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Looking back to better understand today

by DG Martin

Some political old hats will tell you that to get a feel for today’s politics, you have to understand what happened in 1972. Things haven’t been the same since, they say.

Then they will probably smile and say to themselves, ‘“Trouble is, nobody really knows what happened in 1972.’”

What happened, in a word or two, is that Republican candidates for governor and the US Senate won election in our state for the first time in the 20th Century.

Republican Jesse Helms defeated Democrat Nick Galifianakis in the Senate general election. Republican Jim Holshouser beat Democrat Skipper Bowles in the governor’s race.

The whole story is so rich and complicated and filled with the crushed aspirations of good people that it would make for a wonderful Shakespearean play or Dickensian novel.

The old hats will tell you that the primary contests in both parties helped shaped the fall results. One candidate in the Democratic primary was Lt. Gov. Pat Taylor from Wadesboro. Taylor lost a primary run-off to Skipper Bowles, father of UNC president Erskine Bowles.

Earlier, Taylor served in the state House of Representatives, including a term as its speaker. But after his primary defeat he never again sought public office. It is a loss for North Carolina; those who know Pat Taylor will tell you. Just this week one of them explained how Taylor could disagree with his more conservative or more liberal colleagues without losing his respect for them.

‘“He believed their principles were worthy of respect even if he didn’t always share them.’”

Taylor is known as a great storyteller, and his friends urged him to write down his recollections about North Carolina politics and life. Finally he has done it in a book titled Fourth Down and Goal to Go.

Taylor’s inside stories about 20th Century North Carolina political figures are worth the price of the book.

One of them is about Hugh Morton, who died a few weeks ago. Morton owned Grandfather Mountain and, although a confirmed Democrat, was well-regarded in Republican-dominated Avery County where he lived. When the local Chamber of Commerce named Morton Man of the Year, he said, ‘“I must be the first Democrat elected to anything in Avery County.’”

The master of ceremonies responded immediately, ‘“Wait a minute, Hugh. You weren’t elected. You were chosen by committee.’”

The book is full of similar humorous stories. It is even more valuable as an honest look at some of the most important political decisions of the latter half of the last century.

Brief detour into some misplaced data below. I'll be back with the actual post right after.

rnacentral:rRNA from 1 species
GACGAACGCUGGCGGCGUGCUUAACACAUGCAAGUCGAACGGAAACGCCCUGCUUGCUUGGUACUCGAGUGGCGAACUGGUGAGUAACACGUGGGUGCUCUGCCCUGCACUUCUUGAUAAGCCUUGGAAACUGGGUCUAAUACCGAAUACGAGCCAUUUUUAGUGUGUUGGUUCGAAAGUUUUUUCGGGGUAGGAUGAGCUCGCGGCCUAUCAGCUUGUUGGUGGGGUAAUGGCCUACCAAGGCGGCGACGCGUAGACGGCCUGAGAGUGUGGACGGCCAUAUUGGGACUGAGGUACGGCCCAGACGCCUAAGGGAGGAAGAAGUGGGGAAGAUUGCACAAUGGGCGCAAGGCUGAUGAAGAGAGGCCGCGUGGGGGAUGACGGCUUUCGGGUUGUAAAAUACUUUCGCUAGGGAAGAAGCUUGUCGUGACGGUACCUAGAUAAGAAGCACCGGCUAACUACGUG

For instance, Taylor explains his part in the passage of North Carolina’s annexation law, which permits cities to take in adjoining developed area without the consent of the people who live there. People who live in the newly annexed areas sometimes argue that it is ‘“un-American’” not to give them a voice in a decision that directly affects them. But Taylor proudly argues that North Carolina’s large cities are much more vibrant and healthy as a result.

Taylor publicly and courageously opposed the death penalty when only one other legislator would join him. Still, he respectfully reports the different viewpoints of his colleagues.

In a section aimed at those of us who think the Speaker Ban Law of 1963 was a terrible threat to freedom of speech on college campuses, Taylor explains why the proponents thought it was so important and positive. Taylor even includes a lengthy statement from the late Phil Godwin, who pushed the law through the legislature. Godwin wrote, ‘“There is one thing that must be remembered. This bill and law had much more support throughout the state than the press would ever admit.’”

Similarly, Taylor gives the other side on North Carolina’s struggle with desegregation. He even shares a sympathetic interview that he and his editor, Ed Rankin, conducted with two-time candidate for governor, I. Beverly Lake Sr. Taylor shows Lake to be sincere in his commitment to segregation, reminding us that even good people can be captives of their times.

Pat Taylor gives us a provocative and enjoyable look at North Carolina political history. More importantly, his insight brings us closer to understanding what happened in 1972 and what difference it makes for us today.

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